I’m glad to see this. In the old days we used to call it, “learning the hard way”. I’ve closed-captioned videos of people who were discouraged multiple times from pursuing their interests, who believed in themselves when no one else would. People like Ben Kilham. (https://www.youtube.com/watch?v=11BQA3UINqQ ) The intensity of his study of bear behavior is beyond anything one can “book learn”, and he is not recognized as a “scientist”, but nevertheless, is highly regarded and world renowned. The “purists” of academia can’t hold a candle to his wisdom and insight. What if he had been discouraged because he did not have the “gifts” to become a naturalist? I think the “fixed” mindset is what makes science so introspective and impotent. A book is not how you learn about life.

    While closed-captioning the Dyslexic Advantage you-tube videos, I learned an expression that gave one successful entrepreneur comfort. “Hard work beats genius when genius doesn’t work hard.” No one fits the paradigm that Carol Dweck speaks to more than Dyslexics, who often fail at school, but often go on to be highly successful in life because they don’t give up, and are not discouraged by failure, but see it as a part of the learning process. And they do work twice as hard to get where they are going.

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  • Adam Buchbinder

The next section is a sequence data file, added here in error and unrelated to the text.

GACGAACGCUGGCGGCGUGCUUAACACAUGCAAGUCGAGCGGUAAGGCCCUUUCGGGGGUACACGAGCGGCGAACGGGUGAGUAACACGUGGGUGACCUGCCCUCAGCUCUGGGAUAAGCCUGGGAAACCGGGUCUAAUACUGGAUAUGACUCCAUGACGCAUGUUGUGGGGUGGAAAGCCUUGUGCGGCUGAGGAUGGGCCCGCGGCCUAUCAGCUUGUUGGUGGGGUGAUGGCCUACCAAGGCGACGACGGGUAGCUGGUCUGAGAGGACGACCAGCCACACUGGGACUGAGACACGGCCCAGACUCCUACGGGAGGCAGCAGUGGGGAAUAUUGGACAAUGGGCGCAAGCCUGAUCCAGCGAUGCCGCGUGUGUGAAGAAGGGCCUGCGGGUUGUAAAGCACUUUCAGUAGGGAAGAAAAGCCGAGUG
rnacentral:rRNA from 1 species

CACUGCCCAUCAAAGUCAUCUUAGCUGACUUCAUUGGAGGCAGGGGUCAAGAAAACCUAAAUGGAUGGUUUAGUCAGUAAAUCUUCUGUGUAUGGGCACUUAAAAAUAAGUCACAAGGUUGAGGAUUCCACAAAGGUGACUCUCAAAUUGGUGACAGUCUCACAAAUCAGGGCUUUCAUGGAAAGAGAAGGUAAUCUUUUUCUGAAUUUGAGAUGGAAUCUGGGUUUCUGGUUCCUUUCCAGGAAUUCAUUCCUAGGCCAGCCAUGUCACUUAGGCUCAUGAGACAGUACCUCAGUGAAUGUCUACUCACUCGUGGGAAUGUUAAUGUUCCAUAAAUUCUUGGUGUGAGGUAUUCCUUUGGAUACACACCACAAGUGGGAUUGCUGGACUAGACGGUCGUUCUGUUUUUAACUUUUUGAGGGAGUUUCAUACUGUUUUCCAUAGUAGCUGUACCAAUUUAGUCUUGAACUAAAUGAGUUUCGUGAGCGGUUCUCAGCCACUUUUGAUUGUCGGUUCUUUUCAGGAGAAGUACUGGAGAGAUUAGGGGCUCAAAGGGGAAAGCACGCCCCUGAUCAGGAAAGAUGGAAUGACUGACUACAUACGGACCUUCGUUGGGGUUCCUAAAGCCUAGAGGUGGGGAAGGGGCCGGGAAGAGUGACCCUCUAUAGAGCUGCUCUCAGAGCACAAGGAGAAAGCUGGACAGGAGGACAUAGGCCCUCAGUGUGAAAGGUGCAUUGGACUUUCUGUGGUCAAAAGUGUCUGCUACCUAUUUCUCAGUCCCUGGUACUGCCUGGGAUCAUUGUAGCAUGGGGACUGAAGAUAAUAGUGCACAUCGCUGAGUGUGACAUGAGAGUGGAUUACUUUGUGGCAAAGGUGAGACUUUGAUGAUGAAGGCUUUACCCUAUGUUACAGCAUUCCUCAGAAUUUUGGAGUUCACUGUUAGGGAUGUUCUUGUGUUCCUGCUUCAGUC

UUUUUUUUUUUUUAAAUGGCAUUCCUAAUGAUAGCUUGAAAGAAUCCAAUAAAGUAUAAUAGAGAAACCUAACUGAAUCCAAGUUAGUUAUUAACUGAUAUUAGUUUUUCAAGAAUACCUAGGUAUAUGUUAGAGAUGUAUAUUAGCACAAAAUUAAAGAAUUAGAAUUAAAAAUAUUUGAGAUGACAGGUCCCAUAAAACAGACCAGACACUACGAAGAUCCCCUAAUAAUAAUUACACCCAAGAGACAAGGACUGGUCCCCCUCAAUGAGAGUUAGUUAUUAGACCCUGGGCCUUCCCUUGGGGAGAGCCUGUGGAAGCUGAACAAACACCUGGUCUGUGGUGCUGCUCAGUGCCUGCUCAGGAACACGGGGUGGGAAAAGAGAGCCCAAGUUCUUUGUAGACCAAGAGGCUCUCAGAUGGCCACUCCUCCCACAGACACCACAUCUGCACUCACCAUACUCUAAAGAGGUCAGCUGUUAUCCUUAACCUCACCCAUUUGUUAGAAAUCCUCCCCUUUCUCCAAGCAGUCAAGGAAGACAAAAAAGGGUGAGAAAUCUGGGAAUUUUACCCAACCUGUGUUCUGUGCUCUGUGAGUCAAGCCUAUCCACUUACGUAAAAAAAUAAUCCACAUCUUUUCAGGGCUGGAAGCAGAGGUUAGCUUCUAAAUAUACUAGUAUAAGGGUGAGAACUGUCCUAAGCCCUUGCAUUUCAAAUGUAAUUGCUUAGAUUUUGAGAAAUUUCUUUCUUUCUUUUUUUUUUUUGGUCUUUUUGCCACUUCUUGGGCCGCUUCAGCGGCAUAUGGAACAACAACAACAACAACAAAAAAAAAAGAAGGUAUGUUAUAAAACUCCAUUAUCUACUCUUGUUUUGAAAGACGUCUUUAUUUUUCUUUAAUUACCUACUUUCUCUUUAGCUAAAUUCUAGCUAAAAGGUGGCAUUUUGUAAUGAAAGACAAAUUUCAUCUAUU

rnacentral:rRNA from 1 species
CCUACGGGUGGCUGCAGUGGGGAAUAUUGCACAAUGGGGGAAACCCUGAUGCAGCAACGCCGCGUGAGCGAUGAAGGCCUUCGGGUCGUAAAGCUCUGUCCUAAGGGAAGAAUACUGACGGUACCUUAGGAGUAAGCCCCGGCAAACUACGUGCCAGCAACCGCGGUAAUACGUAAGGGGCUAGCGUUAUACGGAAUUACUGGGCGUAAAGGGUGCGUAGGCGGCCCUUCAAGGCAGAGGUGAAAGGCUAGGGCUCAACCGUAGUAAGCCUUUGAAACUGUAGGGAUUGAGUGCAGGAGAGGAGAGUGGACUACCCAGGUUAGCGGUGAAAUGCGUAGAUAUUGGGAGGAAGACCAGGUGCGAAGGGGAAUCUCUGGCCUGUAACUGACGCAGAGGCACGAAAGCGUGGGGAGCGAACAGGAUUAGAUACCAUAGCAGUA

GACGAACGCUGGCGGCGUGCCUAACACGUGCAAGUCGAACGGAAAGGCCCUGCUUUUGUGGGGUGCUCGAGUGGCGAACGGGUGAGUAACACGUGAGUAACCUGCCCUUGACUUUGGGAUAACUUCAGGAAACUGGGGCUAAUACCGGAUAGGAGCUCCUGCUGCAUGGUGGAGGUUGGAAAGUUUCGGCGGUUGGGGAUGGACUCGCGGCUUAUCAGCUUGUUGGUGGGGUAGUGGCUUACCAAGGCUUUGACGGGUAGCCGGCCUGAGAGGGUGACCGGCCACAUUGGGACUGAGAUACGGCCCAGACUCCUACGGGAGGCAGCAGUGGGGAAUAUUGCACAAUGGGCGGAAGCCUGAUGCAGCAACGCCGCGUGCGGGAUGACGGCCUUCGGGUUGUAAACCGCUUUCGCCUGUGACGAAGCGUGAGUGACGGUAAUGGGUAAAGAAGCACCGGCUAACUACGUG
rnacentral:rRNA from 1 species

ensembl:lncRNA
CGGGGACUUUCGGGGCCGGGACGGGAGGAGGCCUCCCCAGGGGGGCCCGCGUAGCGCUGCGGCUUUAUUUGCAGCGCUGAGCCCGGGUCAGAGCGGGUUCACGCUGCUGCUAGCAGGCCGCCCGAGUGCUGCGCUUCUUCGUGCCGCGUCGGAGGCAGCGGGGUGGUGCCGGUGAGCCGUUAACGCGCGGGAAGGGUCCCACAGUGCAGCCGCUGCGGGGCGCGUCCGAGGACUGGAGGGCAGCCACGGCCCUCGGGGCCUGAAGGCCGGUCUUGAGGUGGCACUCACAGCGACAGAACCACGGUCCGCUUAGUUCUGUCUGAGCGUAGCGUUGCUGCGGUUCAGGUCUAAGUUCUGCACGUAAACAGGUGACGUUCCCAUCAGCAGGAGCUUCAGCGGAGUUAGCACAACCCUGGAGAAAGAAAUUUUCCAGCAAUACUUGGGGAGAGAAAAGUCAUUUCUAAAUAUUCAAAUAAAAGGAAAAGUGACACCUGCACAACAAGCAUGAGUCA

Thanks for sharing. I would also challenge you to review research on what comprises the traits of inspiring leaders and how these relate to the growth mindset thesis. Leaders at Bain & Co devised a net promoter score to scale and streamline employees’ leadership skills you can check their podcast out http://www.netpromotersystemblog.com/2016/12/08/podcast-the-33-qualities-of-inspiring-leaders/. As part of the quantitative analysis, those employees who scored perfect or near perfect on a single trait had 4:1 odds of being considered a leader by their peers than those who performed in the middle or top decile with few weaknesses. My takeaway: allow students to find their strengths and encourage them to pursue them rather than drill them on skills they struggle with or dislike.

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  • Larryalobo

    Part of the question is can a person with a fixed mindset in this area really do things or teach things to help others develop a growth mindset? Just taking the fast food quick tags of a concept leads us down the wrong path. Is like saying just be compassionate or tolerant and things will change for the better (without some sort of standards or getting people to stretch beyond their present abilities in a good framework). And don’t forget even if we take the right approach with encouraging a growth mindset, some can be undone by our fixed mindset tendencies and limitations dealing with that person(s) and the effect of others with fixed mindsets. I’ll bet many efforts in doing things to develop a growth mindset don’t even know how the brain works to make it possible and digest it to sayings, phrases and quick strategies without building the fundamentals. The person you deal with has to learn to believe that they can develop a growth mindset and they can learn